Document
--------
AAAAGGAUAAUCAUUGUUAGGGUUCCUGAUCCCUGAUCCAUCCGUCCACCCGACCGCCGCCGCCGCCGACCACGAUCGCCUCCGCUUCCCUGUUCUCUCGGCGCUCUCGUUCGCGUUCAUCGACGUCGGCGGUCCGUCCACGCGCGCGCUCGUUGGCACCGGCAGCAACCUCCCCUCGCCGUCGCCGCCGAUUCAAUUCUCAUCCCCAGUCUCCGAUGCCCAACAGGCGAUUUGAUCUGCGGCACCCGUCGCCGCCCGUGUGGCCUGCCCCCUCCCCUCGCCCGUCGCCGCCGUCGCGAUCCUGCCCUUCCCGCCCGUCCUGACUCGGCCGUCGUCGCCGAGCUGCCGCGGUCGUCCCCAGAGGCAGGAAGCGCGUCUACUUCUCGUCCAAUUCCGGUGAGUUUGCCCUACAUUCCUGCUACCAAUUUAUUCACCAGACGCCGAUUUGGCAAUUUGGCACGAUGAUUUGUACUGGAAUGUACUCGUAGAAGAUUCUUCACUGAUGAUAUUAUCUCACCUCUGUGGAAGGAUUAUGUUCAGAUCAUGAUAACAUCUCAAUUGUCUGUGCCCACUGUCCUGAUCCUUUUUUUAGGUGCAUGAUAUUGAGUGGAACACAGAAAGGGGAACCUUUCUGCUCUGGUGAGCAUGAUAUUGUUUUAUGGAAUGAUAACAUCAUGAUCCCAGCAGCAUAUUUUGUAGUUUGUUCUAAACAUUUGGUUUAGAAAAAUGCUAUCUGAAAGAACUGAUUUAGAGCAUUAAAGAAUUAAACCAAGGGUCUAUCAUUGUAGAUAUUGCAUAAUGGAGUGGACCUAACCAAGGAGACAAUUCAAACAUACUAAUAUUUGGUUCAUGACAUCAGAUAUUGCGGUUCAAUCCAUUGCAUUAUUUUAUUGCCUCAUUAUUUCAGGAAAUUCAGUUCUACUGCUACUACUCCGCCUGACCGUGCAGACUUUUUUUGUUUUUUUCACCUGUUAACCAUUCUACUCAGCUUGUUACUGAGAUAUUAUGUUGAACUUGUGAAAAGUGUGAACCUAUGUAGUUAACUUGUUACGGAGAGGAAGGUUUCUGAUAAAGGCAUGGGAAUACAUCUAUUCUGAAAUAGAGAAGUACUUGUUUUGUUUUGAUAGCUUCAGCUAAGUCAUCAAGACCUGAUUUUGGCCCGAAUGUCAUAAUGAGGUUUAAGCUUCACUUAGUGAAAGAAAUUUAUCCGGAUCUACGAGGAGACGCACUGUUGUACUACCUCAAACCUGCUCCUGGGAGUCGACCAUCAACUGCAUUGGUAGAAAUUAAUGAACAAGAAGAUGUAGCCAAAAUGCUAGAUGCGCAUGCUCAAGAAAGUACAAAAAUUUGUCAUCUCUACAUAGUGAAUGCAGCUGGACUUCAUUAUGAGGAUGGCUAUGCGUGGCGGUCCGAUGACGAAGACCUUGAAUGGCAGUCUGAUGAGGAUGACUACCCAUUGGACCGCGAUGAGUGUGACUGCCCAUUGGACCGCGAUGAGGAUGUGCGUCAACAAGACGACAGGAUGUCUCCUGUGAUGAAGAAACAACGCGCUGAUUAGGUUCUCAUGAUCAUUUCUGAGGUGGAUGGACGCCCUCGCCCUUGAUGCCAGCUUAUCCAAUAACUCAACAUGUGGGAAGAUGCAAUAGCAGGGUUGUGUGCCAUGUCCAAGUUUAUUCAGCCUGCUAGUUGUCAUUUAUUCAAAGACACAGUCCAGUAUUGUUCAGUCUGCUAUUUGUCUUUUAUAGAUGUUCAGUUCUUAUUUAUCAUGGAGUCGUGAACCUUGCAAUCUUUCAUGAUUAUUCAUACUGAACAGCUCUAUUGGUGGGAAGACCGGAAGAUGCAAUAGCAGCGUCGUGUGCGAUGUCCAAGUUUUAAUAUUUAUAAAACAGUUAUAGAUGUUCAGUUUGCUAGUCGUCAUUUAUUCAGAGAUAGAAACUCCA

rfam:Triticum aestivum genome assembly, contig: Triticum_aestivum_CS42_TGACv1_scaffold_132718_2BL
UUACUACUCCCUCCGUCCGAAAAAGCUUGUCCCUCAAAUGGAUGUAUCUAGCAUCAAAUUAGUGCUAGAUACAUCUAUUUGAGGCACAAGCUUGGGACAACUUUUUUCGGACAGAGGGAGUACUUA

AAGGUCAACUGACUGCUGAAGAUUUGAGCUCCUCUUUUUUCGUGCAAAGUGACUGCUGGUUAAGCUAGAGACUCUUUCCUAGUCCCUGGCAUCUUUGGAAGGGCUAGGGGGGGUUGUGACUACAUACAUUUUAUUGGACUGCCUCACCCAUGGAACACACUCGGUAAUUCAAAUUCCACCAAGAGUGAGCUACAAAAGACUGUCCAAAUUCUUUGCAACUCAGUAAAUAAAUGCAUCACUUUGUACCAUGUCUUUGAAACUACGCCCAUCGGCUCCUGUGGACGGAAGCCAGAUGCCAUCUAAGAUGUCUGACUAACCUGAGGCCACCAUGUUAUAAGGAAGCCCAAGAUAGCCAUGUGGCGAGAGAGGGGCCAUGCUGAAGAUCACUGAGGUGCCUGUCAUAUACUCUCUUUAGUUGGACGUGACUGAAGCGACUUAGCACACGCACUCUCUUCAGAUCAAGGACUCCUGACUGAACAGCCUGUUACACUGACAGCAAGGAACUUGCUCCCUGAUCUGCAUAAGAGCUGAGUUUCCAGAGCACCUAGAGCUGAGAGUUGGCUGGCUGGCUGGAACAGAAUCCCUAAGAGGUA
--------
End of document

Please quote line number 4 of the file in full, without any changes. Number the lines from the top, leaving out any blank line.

AAGGUCAACUGACUGCUGAAGAUUUGAGCUCCUCUUUUUUCGUGCAAAGUGACUGCUGGUUAAGCUAGAGACUCUUUCCUAGUCCCUGGCAUCUUUGGAAGGGCUAGGGGGGGUUGUGACUACAUACAUUUUAUUGGACUGCCUCACCCAUGGAACACACUCGGUAAUUCAAAUUCCACCAAGAGUGAGCUACAAAAGACUGUCCAAAUUCUUUGCAACUCAGUAAAUAAAUGCAUCACUUUGUACCAUGUCUUUGAAACUACGCCCAUCGGCUCCUGUGGACGGAAGCCAGAUGCCAUCUAAGAUGUCUGACUAACCUGAGGCCACCAUGUUAUAAGGAAGCCCAAGAUAGCCAUGUGGCGAGAGAGGGGCCAUGCUGAAGAUCACUGAGGUGCCUGUCAUAUACUCUCUUUAGUUGGACGUGACUGAAGCGACUUAGCACACGCACUCUCUUCAGAUCAAGGACUCCUGACUGAACAGCCUGUUACACUGACAGCAAGGAACUUGCUCCCUGAUCUGCAUAAGAGCUGAGUUUCCAGAGCACCUAGAGCUGAGAGUUGGCUGGCUGGCUGGAACAGAAUCCCUAAGAGGUA